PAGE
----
Whitewater slalom, which was originally modelled on ski slalom, began in Switzerland in 1932. Slalom canoeing had begun on flat water, but soon switched to white water rapids on natural rivers. World War Two set back development, especially from an Olympic point of view, but today both sprint and slalom are established Olympic disciplines.
The sight of skill, strength and courage pitted against powerful water makes slalom an exciting spectator sport both live and on TV. For the competitor there is the challenge, together with fantastic friendships, cooperation between national teams, and a closeness to the river and the environment.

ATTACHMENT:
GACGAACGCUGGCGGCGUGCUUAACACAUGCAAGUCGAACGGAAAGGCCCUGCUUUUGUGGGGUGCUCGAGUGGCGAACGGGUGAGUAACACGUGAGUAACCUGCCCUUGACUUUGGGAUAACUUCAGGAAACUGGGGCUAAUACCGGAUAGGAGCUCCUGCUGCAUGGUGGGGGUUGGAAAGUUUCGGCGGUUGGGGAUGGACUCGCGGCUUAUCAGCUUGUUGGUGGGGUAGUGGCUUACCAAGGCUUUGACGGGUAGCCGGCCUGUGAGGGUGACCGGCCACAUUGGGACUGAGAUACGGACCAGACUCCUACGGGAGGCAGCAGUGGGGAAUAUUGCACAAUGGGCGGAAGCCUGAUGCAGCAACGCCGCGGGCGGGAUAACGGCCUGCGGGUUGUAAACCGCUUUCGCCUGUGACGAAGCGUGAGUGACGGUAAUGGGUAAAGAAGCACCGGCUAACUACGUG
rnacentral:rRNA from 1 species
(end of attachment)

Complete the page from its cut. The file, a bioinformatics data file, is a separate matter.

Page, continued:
The first Slalom World Championships were held in 1949 in Geneva. Since then there have been dramatic changes - as folding and rigid canvas canoes have been replaced by composites and rules have been changed and simplified.
In 1992 canoe slalom returned to the Olympic Games, in the fantastic atmosphere under the burning sun of La Seu dÂ´Urgell. There has been a massive increase in interest outside slalom's traditional areas, and slalom is going into the new millennium as a permanent Olympic sport.
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Oceania Training Centre
Canoe Slalom NZ
Vector Wero Waterpark
Great South Road, Manukau
PO Box 16-292